The business climate for microenterprises and solo self-employed persons in Germany has improved, according to the latest index for this segment (“Jimdo-ifo Business Climate Index”). This index rose to minus 1.1 points (not seasonally adjusted) in June, up from minus 2.5 points in May. “Business is considerably better,” says Klaus Wohlrabe, Head of Surveys at ifo, “but there are still major concerns with regard to the second half of the year.”
Germans will have to brace themselves for further food price increases over the next few months. According to an ifo survey conducted in June among food, beverage, and tobacco retailers, price expectations are at 98.9 points, which means that almost all the retailers surveyed are planning to raise prices. The majority of the surveyed retailers in the other segments also intend to put prices up: their price expectations rose to 78.6 points, up from 75.5 points. “We can therefore expect inflation rates to remain high for the time being,” says Timo Wollmershäuser, Head of Forecasts at ifo.
Die Stimmung der ostdeutschen Unternehmen sank im Juni leicht. Der ifo Geschäftsklimaindex für die gesamte regionale Wirtschaft ging zurück auf 94,1 Punkte, nach 94,5 Punkten im Mai. Die Lageeinschätzungen der Befragungsteilnehmer verbesserten sich geringfügig. Gleichzeitig senkten sie ihren Ausblick leicht. Die Lücke zwischen Lage und Erwartungen wird größer. Dies ist Ausdruck großer Unsicherheit.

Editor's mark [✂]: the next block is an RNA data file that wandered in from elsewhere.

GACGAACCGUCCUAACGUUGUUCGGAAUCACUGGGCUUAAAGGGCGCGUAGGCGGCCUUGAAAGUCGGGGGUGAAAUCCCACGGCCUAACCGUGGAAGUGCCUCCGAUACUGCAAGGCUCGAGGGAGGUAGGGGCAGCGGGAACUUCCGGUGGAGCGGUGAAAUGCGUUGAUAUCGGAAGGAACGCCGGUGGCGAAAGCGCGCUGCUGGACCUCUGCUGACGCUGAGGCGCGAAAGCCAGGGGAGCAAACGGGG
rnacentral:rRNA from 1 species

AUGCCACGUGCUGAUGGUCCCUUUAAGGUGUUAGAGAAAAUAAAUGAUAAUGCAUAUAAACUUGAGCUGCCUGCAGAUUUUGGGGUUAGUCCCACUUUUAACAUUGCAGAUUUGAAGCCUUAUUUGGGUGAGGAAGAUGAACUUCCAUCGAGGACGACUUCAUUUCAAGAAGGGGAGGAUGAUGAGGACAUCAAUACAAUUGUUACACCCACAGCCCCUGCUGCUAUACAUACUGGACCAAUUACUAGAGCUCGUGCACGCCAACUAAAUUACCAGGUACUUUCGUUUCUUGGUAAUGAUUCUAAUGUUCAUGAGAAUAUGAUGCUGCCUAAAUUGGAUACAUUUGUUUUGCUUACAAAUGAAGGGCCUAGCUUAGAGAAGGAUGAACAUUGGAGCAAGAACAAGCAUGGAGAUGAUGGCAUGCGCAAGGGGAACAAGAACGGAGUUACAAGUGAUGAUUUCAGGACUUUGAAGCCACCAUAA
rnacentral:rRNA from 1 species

The shortage of materials in German manufacturing will continue for at least another 10 months, according to companies surveyed by the ifo Institute. At the same time, 74.1 percent of companies complained about bottlenecks and problems procuring intermediate products and raw materials in June. The figure was 77.2 percent in May. “The hoped-for easing in supply chains is constantly getting pushed back,” says Klaus Wohlrabe, Head of Surveys at ifo. “Supply bottlenecks are now unfortunately part of everyday life for many companies.”
The outlook for the global economy has deteriorated significantly since December 2021. Nevertheless, the economy in eastern Germany and Saxony is likely to continue expanding. In the current year, economic output in those regions will grow by 2.9 and 1.8 percent respectively (Germany: 2.5 percent). Assuming that it is still possible to avoid an undersupply of natural gas this coming winter, economic output in eastern Germany is likely to be 3.5 percent higher year over year in 2023; in Saxony, gross domestic product will increase by 3.3 percent (Germany: 3.7 percent).
German companies are becoming more reluctant to hire new staff. The ifo Employment Barometer fell to 103.3 points in June, down from 104.0 points in May. Yet, demand for labor remains high. The shortage of skilled workers is still a key problem for German companies.